Read article – Continued coverage of a COVID-19 study conducted by researchers at the Geisel School of Medicine and the University of New Hampshire. The New Hampshire-based study explored differences of opinion about the pandemic in the state and how the divide between Democrats and Republicans could make responding to the crisis more difficult.
In the News
Read article – An article discussing issues to consider when visiting grandparents and people older than 65 as communities reopen during the pandemic. The article mentions that people should pay attention to infection rates where they live and that detailed information about local areas is available in national trackers such as the Dartmouth Atlas of Health Care.
Read article – Quotes Stewart Tepper, professor of neurology, in an article about an intranasal dry powder formulation of dihydroergotamine, which outperformed other formulations of the drug for the treatment of migraine pain.
Read article – Quotes Kendall Hoyt, assistant professor of medicine, in an article about how Anthony Fauci, the nation’s top infectious disease expert, told Congress Tuesday that he’s “cautiously optimistic” about the development of a coronavirus vaccine by the end of this year or the beginning of 2021. “It’s conceivable we could have something in that timeline—if everything goes right,” Hoyt said. (Hoyt’s comments were originally published in an article published in Vox in May.)
Read article – Quotes Steven Woloshin, professor of medicine, community and family medicine, and of The Dartmouth Institute for Health Policy and Clinical Practice, in an article that examines the meaning of testing negative for COVID-19. “If you have symptoms or you work in a place where you’re at high risk for exposure, then even with a negative test, you might want to think really hard about it,” says Woloshin.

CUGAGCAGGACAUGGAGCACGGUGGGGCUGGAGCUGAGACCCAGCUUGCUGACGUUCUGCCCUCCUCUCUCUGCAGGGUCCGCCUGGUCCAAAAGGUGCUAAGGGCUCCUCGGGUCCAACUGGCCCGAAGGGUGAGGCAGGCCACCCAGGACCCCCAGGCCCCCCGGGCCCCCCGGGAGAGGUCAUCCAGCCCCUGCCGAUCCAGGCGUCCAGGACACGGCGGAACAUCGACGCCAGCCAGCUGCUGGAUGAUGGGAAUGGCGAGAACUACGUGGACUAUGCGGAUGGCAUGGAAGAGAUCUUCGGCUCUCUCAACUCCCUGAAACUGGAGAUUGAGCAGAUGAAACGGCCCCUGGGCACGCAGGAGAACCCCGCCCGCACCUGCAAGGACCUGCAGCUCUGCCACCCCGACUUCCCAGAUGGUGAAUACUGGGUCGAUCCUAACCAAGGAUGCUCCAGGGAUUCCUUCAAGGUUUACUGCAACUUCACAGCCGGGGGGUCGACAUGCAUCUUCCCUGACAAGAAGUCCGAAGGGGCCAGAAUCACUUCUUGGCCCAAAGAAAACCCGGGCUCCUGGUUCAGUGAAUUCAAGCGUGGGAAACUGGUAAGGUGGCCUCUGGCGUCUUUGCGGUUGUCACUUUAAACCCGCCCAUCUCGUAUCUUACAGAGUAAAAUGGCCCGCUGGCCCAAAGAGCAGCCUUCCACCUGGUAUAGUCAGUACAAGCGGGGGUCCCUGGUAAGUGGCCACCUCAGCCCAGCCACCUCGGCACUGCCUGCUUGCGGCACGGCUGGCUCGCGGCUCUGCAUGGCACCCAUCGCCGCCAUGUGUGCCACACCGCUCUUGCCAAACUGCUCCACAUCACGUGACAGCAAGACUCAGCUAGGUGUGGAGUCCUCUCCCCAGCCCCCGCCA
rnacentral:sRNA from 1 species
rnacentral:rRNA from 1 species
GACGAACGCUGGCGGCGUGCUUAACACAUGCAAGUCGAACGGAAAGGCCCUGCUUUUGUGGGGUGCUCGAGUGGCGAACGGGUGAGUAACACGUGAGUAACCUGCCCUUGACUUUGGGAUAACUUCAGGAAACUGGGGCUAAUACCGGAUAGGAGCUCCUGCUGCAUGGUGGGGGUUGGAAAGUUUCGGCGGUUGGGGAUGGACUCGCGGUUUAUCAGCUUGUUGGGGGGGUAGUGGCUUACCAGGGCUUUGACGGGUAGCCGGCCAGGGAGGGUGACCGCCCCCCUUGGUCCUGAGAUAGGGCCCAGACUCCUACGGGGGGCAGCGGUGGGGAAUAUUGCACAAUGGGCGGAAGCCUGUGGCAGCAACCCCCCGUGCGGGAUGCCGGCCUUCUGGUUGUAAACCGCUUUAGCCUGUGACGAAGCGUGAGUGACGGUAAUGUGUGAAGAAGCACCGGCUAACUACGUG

Read article – Quotes Chad Lewis, Geisel ’20, in an article about how Vermont and New Hampshire health care providers are among the growing number of people across the country who are examining their roles in perpetuating racism in the wake of the killing of George Floyd. Earlier this month, many of the nation’s health care workers—including workers at Dartmouth-Hitchcock Medical Center—took a knee for eight minutes and 46 seconds in honor of Floyd. “It was great to see such a large group of physicians, nurses, and other healthcare providers stand in solidarity with their black colleagues and to honor the life of George Floyd,” said Lewis.
Read article – Quotes Lisa Marsch, the Andrew G. Wallace Professor and professor of psychiatry and director of the Center for Technology and Behavioral Health, in an article about how the FDA relaxed its rules for digital therapeutic devices for psychiatric disorders in order to widen access to care during the pandemic. “Someone in the recovery process from substance use may be awake at 2 a.m. feeling at high risk of relapse, and not have anyone to talk to,” says Marsch. “But they can have something in their pocket that helps them respond to that moment in a way that doesn’t include using again.”
Read article – Quotes Kendall Hoyt, assistant professor of medicine, in an article about the global race to create a COVID-19 vaccine, and how wealthy nations could prioritize vaccinating their citizens while health workers and populations suffering mass outbreaks in poorer countries are denied access.